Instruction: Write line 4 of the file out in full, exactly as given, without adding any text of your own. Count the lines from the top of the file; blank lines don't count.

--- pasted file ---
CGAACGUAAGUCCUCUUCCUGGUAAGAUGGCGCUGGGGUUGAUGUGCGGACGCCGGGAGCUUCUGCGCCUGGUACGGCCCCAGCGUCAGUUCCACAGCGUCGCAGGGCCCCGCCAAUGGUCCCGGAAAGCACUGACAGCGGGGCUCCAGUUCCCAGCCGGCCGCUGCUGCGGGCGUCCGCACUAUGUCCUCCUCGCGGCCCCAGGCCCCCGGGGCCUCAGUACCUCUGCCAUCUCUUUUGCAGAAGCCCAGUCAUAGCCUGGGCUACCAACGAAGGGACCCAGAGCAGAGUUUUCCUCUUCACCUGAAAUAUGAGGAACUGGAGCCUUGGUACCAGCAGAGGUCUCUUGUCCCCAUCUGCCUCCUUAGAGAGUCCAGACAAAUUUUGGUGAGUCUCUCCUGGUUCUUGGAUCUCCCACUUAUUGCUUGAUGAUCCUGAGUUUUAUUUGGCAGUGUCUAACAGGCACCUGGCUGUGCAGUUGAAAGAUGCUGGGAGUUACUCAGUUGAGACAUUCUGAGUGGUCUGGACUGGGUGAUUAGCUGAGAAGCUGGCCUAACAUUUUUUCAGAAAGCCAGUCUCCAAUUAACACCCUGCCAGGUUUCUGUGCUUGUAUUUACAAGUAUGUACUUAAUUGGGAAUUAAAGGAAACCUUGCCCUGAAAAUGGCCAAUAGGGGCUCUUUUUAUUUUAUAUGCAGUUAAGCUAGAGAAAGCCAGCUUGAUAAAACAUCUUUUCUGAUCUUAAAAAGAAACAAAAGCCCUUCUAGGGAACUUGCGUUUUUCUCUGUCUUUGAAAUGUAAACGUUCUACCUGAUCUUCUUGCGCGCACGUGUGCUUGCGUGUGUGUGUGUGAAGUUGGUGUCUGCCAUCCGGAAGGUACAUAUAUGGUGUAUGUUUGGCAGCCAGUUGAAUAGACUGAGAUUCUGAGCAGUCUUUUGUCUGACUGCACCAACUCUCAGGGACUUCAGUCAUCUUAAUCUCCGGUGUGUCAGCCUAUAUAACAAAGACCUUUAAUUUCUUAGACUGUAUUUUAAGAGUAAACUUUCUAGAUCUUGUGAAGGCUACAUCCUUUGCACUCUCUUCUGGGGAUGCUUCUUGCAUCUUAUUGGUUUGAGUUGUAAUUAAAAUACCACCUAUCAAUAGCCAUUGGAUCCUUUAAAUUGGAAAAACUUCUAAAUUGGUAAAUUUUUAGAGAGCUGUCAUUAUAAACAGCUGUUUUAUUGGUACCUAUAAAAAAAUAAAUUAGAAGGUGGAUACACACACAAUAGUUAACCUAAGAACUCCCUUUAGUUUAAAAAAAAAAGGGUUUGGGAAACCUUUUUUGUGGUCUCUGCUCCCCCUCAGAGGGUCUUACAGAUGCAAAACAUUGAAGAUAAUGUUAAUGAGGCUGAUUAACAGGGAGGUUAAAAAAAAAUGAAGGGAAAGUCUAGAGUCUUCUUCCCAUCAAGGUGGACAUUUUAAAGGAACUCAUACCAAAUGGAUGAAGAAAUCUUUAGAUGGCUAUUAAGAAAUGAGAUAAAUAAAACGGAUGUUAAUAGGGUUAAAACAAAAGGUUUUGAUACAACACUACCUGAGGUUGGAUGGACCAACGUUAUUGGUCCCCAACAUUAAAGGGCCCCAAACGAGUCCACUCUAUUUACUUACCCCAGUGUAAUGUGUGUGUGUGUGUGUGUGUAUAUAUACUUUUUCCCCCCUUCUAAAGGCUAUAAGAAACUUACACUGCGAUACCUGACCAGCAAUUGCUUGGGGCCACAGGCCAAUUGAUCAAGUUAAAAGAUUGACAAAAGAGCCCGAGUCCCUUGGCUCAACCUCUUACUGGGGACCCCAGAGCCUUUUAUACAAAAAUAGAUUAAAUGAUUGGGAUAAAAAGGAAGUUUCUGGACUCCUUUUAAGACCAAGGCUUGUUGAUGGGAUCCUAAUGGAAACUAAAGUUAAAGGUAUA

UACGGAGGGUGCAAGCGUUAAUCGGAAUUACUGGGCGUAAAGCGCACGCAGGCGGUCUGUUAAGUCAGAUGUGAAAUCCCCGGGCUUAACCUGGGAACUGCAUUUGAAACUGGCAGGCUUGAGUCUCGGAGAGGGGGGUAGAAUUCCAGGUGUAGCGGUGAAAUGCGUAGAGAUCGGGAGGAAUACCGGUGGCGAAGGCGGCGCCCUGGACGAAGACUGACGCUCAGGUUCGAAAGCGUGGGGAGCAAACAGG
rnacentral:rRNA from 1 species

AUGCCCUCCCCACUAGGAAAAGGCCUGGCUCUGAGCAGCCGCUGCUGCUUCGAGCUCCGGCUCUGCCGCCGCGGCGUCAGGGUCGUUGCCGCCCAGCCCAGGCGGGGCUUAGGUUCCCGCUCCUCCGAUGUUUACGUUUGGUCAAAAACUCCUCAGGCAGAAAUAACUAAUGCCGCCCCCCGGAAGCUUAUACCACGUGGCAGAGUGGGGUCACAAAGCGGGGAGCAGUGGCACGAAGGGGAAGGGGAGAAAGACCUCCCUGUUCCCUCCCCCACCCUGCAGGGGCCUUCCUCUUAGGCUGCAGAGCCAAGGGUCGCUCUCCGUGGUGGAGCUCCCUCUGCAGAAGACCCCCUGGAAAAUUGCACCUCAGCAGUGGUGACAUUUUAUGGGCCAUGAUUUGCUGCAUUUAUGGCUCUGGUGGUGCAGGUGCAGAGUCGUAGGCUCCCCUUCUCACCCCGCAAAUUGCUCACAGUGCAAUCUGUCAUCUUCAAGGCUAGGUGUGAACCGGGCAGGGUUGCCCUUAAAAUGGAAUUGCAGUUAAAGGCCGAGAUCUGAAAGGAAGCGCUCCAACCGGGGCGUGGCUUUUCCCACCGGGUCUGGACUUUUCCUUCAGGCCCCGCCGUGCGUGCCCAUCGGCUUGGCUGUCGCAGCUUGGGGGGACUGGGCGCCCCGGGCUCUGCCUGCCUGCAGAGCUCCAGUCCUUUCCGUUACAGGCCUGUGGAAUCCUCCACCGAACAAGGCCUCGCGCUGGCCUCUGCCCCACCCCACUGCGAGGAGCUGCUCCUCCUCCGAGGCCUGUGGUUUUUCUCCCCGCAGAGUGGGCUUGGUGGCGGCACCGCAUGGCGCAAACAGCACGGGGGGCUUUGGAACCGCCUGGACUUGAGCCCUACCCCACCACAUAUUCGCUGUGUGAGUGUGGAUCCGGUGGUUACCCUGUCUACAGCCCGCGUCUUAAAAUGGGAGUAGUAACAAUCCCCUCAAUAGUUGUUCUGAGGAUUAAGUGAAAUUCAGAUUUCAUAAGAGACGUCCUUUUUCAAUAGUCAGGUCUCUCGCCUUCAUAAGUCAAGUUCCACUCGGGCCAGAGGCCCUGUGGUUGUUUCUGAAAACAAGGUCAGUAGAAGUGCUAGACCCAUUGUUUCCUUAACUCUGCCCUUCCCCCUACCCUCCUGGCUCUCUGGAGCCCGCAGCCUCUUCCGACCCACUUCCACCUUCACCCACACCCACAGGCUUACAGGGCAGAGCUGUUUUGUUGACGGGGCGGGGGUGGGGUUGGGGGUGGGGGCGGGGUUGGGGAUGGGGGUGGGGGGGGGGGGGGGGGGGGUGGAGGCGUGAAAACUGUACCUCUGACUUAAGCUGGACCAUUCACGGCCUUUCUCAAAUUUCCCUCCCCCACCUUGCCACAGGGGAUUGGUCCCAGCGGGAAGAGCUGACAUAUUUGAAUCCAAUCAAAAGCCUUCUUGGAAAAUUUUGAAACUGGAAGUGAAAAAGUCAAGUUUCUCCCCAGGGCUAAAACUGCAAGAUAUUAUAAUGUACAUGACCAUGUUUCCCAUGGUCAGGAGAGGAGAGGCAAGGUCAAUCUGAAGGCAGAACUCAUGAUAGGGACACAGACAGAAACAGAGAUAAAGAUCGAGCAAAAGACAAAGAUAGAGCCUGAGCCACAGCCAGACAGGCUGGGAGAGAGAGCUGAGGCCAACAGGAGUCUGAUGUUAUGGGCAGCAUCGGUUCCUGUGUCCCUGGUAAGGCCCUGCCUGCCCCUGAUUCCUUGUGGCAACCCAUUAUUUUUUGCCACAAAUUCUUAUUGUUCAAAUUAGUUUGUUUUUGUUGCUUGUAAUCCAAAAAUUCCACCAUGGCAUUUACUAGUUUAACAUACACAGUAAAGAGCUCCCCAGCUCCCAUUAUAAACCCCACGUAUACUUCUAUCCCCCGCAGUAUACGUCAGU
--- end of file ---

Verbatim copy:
AUGCCCUCCCCACUAGGAAAAGGCCUGGCUCUGAGCAGCCGCUGCUGCUUCGAGCUCCGGCUCUGCCGCCGCGGCGUCAGGGUCGUUGCCGCCCAGCCCAGGCGGGGCUUAGGUUCCCGCUCCUCCGAUGUUUACGUUUGGUCAAAAACUCCUCAGGCAGAAAUAACUAAUGCCGCCCCCCGGAAGCUUAUACCACGUGGCAGAGUGGGGUCACAAAGCGGGGAGCAGUGGCACGAAGGGGAAGGGGAGAAAGACCUCCCUGUUCCCUCCCCCACCCUGCAGGGGCCUUCCUCUUAGGCUGCAGAGCCAAGGGUCGCUCUCCGUGGUGGAGCUCCCUCUGCAGAAGACCCCCUGGAAAAUUGCACCUCAGCAGUGGUGACAUUUUAUGGGCCAUGAUUUGCUGCAUUUAUGGCUCUGGUGGUGCAGGUGCAGAGUCGUAGGCUCCCCUUCUCACCCCGCAAAUUGCUCACAGUGCAAUCUGUCAUCUUCAAGGCUAGGUGUGAACCGGGCAGGGUUGCCCUUAAAAUGGAAUUGCAGUUAAAGGCCGAGAUCUGAAAGGAAGCGCUCCAACCGGGGCGUGGCUUUUCCCACCGGGUCUGGACUUUUCCUUCAGGCCCCGCCGUGCGUGCCCAUCGGCUUGGCUGUCGCAGCUUGGGGGGACUGGGCGCCCCGGGCUCUGCCUGCCUGCAGAGCUCCAGUCCUUUCCGUUACAGGCCUGUGGAAUCCUCCACCGAACAAGGCCUCGCGCUGGCCUCUGCCCCACCCCACUGCGAGGAGCUGCUCCUCCUCCGAGGCCUGUGGUUUUUCUCCCCGCAGAGUGGGCUUGGUGGCGGCACCGCAUGGCGCAAACAGCACGGGGGGCUUUGGAACCGCCUGGACUUGAGCCCUACCCCACCACAUAUUCGCUGUGUGAGUGUGGAUCCGGUGGUUACCCUGUCUACAGCCCGCGUCUUAAAAUGGGAGUAGUAACAAUCCCCUCAAUAGUUGUUCUGAGGAUUAAGUGAAAUUCAGAUUUCAUAAGAGACGUCCUUUUUCAAUAGUCAGGUCUCUCGCCUUCAUAAGUCAAGUUCCACUCGGGCCAGAGGCCCUGUGGUUGUUUCUGAAAACAAGGUCAGUAGAAGUGCUAGACCCAUUGUUUCCUUAACUCUGCCCUUCCCCCUACCCUCCUGGCUCUCUGGAGCCCGCAGCCUCUUCCGACCCACUUCCACCUUCACCCACACCCACAGGCUUACAGGGCAGAGCUGUUUUGUUGACGGGGCGGGGGUGGGGUUGGGGGUGGGGGCGGGGUUGGGGAUGGGGGUGGGGGGGGGGGGGGGGGGGGUGGAGGCGUGAAAACUGUACCUCUGACUUAAGCUGGACCAUUCACGGCCUUUCUCAAAUUUCCCUCCCCCACCUUGCCACAGGGGAUUGGUCCCAGCGGGAAGAGCUGACAUAUUUGAAUCCAAUCAAAAGCCUUCUUGGAAAAUUUUGAAACUGGAAGUGAAAAAGUCAAGUUUCUCCCCAGGGCUAAAACUGCAAGAUAUUAUAAUGUACAUGACCAUGUUUCCCAUGGUCAGGAGAGGAGAGGCAAGGUCAAUCUGAAGGCAGAACUCAUGAUAGGGACACAGACAGAAACAGAGAUAAAGAUCGAGCAAAAGACAAAGAUAGAGCCUGAGCCACAGCCAGACAGGCUGGGAGAGAGAGCUGAGGCCAACAGGAGUCUGAUGUUAUGGGCAGCAUCGGUUCCUGUGUCCCUGGUAAGGCCCUGCCUGCCCCUGAUUCCUUGUGGCAACCCAUUAUUUUUUGCCACAAAUUCUUAUUGUUCAAAUUAGUUUGUUUUUGUUGCUUGUAAUCCAAAAAUUCCACCAUGGCAUUUACUAGUUUAACAUACACAGUAAAGAGCUCCCCAGCUCCCAUUAUAAACCCCACGUAUACUUCUAUCCCCCGCAGUAUACGUCAGU